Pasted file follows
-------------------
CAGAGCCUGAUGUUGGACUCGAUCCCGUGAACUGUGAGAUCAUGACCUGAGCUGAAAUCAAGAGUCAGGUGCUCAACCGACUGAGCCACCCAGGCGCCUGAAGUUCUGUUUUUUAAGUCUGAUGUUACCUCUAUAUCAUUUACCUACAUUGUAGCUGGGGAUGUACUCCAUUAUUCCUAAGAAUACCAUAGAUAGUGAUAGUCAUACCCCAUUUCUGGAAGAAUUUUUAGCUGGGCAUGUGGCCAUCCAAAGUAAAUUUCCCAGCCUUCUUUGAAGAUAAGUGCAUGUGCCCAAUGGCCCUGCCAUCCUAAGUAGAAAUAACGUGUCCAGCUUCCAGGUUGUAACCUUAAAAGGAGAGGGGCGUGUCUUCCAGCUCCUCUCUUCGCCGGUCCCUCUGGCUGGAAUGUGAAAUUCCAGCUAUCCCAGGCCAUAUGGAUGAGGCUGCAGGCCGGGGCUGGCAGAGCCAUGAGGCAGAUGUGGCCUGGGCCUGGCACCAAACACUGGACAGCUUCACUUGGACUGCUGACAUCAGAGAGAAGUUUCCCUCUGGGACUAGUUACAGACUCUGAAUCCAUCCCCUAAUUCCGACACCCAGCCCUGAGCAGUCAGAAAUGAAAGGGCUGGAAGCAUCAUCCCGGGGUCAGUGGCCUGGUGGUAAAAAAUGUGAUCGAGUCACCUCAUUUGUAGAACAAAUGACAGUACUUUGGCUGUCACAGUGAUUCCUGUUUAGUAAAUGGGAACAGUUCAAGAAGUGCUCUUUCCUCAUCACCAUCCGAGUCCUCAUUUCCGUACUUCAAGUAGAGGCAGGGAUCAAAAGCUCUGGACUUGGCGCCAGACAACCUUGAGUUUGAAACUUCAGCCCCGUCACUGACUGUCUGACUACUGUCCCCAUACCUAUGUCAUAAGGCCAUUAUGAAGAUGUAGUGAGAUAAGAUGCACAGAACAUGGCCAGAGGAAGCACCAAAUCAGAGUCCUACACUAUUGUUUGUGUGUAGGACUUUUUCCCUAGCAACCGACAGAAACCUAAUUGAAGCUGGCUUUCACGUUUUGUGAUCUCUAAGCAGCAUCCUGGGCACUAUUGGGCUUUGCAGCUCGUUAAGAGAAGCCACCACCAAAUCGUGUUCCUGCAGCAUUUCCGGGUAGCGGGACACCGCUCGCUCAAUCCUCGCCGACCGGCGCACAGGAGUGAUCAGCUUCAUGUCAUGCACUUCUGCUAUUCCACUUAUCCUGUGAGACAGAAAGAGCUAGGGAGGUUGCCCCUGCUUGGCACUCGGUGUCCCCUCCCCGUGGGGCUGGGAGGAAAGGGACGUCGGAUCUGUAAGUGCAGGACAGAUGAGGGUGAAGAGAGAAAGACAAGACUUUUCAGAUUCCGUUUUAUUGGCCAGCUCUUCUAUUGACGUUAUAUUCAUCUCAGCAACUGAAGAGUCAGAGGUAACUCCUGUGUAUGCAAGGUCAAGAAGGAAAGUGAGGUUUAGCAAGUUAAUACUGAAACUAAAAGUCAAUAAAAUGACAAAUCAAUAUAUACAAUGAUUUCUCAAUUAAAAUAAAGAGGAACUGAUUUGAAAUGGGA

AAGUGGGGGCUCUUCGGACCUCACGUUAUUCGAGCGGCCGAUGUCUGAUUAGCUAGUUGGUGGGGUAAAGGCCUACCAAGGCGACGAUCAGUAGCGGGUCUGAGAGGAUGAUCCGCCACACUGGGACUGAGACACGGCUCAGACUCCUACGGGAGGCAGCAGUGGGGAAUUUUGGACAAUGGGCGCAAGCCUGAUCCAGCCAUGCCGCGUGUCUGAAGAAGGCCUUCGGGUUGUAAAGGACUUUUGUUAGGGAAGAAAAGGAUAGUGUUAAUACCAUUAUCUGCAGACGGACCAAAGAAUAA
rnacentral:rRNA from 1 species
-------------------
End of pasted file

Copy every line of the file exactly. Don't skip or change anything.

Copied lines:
CAGAGCCUGAUGUUGGACUCGAUCCCGUGAACUGUGAGAUCAUGACCUGAGCUGAAAUCAAGAGUCAGGUGCUCAACCGACUGAGCCACCCAGGCGCCUGAAGUUCUGUUUUUUAAGUCUGAUGUUACCUCUAUAUCAUUUACCUACAUUGUAGCUGGGGAUGUACUCCAUUAUUCCUAAGAAUACCAUAGAUAGUGAUAGUCAUACCCCAUUUCUGGAAGAAUUUUUAGCUGGGCAUGUGGCCAUCCAAAGUAAAUUUCCCAGCCUUCUUUGAAGAUAAGUGCAUGUGCCCAAUGGCCCUGCCAUCCUAAGUAGAAAUAACGUGUCCAGCUUCCAGGUUGUAACCUUAAAAGGAGAGGGGCGUGUCUUCCAGCUCCUCUCUUCGCCGGUCCCUCUGGCUGGAAUGUGAAAUUCCAGCUAUCCCAGGCCAUAUGGAUGAGGCUGCAGGCCGGGGCUGGCAGAGCCAUGAGGCAGAUGUGGCCUGGGCCUGGCACCAAACACUGGACAGCUUCACUUGGACUGCUGACAUCAGAGAGAAGUUUCCCUCUGGGACUAGUUACAGACUCUGAAUCCAUCCCCUAAUUCCGACACCCAGCCCUGAGCAGUCAGAAAUGAAAGGGCUGGAAGCAUCAUCCCGGGGUCAGUGGCCUGGUGGUAAAAAAUGUGAUCGAGUCACCUCAUUUGUAGAACAAAUGACAGUACUUUGGCUGUCACAGUGAUUCCUGUUUAGUAAAUGGGAACAGUUCAAGAAGUGCUCUUUCCUCAUCACCAUCCGAGUCCUCAUUUCCGUACUUCAAGUAGAGGCAGGGAUCAAAAGCUCUGGACUUGGCGCCAGACAACCUUGAGUUUGAAACUUCAGCCCCGUCACUGACUGUCUGACUACUGUCCCCAUACCUAUGUCAUAAGGCCAUUAUGAAGAUGUAGUGAGAUAAGAUGCACAGAACAUGGCCAGAGGAAGCACCAAAUCAGAGUCCUACACUAUUGUUUGUGUGUAGGACUUUUUCCCUAGCAACCGACAGAAACCUAAUUGAAGCUGGCUUUCACGUUUUGUGAUCUCUAAGCAGCAUCCUGGGCACUAUUGGGCUUUGCAGCUCGUUAAGAGAAGCCACCACCAAAUCGUGUUCCUGCAGCAUUUCCGGGUAGCGGGACACCGCUCGCUCAAUCCUCGCCGACCGGCGCACAGGAGUGAUCAGCUUCAUGUCAUGCACUUCUGCUAUUCCACUUAUCCUGUGAGACAGAAAGAGCUAGGGAGGUUGCCCCUGCUUGGCACUCGGUGUCCCCUCCCCGUGGGGCUGGGAGGAAAGGGACGUCGGAUCUGUAAGUGCAGGACAGAUGAGGGUGAAGAGAGAAAGACAAGACUUUUCAGAUUCCGUUUUAUUGGCCAGCUCUUCUAUUGACGUUAUAUUCAUCUCAGCAACUGAAGAGUCAGAGGUAACUCCUGUGUAUGCAAGGUCAAGAAGGAAAGUGAGGUUUAGCAAGUUAAUACUGAAACUAAAAGUCAAUAAAAUGACAAAUCAAUAUAUACAAUGAUUUCUCAAUUAAAAUAAAGAGGAACUGAUUUGAAAUGGGA

AAGUGGGGGCUCUUCGGACCUCACGUUAUUCGAGCGGCCGAUGUCUGAUUAGCUAGUUGGUGGGGUAAAGGCCUACCAAGGCGACGAUCAGUAGCGGGUCUGAGAGGAUGAUCCGCCACACUGGGACUGAGACACGGCUCAGACUCCUACGGGAGGCAGCAGUGGGGAAUUUUGGACAAUGGGCGCAAGCCUGAUCCAGCCAUGCCGCGUGUCUGAAGAAGGCCUUCGGGUUGUAAAGGACUUUUGUUAGGGAAGAAAAGGAUAGUGUUAAUACCAUUAUCUGCAGACGGACCAAAGAAUAA
rnacentral:rRNA from 1 species